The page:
National Historical Park Cultural History
Chaco Culture National Historical Park is lies in a long, shallow canyon that is centrally located within the San Juan Basin of northwestern New Mexico. The canyon was carved into the basin by what is now known as the Chaco Wash, a tributary of the San Juan River.
The park lies primarily along this wash and its tributaries and includes archaeological sites inside and outside the canyon. These sites represent a prehistoric cultural system, which at one time extended throughout the basin. The San Juan Basin has been occupied for over 10,000 years and has been home to Paleo-Indians, Archaic people, the Anasazi, the Navajo, and people of Hispanic and Anglo descent.
The cultural flowering of the Chacoan people began in the mid-800s and lasted over 300 years. We can see it clearly in the grand scale of the architecture. Using masonry techniques unique for their time, they constructed massive stone buildings ("great houses") of multiple stories containing hundreds of rooms much larger than any they had previously built. The buildings were planned from the start, in contrast to the usual practice of adding rooms to existing structures as needed. Construction on some of these buildings spanned decades and even centuries. Although each is unique, all great houses share architectural features that make them recognizable as "Chacoan."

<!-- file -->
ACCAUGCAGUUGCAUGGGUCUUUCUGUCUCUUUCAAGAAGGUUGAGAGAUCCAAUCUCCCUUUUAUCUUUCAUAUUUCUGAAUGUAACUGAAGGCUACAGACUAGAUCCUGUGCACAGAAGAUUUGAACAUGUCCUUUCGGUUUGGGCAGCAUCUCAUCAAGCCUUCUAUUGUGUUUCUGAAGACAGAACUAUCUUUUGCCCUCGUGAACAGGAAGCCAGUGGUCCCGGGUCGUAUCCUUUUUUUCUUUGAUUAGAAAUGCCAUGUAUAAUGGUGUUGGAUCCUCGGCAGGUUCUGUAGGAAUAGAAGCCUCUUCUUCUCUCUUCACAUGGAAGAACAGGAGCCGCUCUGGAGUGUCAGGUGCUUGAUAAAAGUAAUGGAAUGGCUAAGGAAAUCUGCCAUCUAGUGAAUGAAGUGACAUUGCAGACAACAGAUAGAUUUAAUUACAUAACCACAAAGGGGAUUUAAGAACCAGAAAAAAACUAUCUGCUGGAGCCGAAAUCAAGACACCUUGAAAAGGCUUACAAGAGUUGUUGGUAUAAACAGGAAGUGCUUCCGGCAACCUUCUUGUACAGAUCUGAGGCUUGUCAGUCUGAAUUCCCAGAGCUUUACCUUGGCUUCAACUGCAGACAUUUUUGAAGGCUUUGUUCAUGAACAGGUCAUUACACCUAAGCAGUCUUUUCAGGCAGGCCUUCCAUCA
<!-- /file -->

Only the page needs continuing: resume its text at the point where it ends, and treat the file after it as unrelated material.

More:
During the middle and late 800s, the great houses of Pueblo Bonito, Una Vida, and Peñasco Blanco were constructed, followed by Hungo Pavi, Chetro Ketl, Pueblo Alto, and others. These structures were often oriented to solar, lunar, and cardinal directions. Lines of sight between the great houses allowed communication. Sophisticated astronomical markers, communication features, water control devices, and formal earthen mounds surrounded them. The buildings were placed within a landscape surrounded by sacred mountains, mesas, and shrines that still have deep spiritual meaning for American Indian descendants.
By 1050, Chaco was well on the way to becoming the political, economic, and ceremonial center of the San Juan Basin. Its sphere of influence was extensive. Dozens of great houses in Chaco Canyon were connected by roads to over 150 great houses built throughout the region. Current thought is that the great houses were not traditional farming villages occupied by large populations. They may instead have been impressive examples of "public architecture" that were used only periodically during times of ceremony, commerce, and trading when temporary populations arrived in the canyon for these events.
Why the need for social complexity and integration on such a large scale? Chaco was the hub of an extensive trading network. Turquoise was processed into beads, ornaments, and jewelry at Chaco, and traded throughout the Southwest and northern Mexico for parrots, macaws, copper bells, and other precious commodities. Chaco may have been a distribution center for food and resources in response to the region's highly variable climate and growing populations. Ceremonies may have brought "pilgrims" to Chaco along a ritually used road system that connected Chaco to distant communities and to the sacred landscape. We may never fully understand the Chaco story.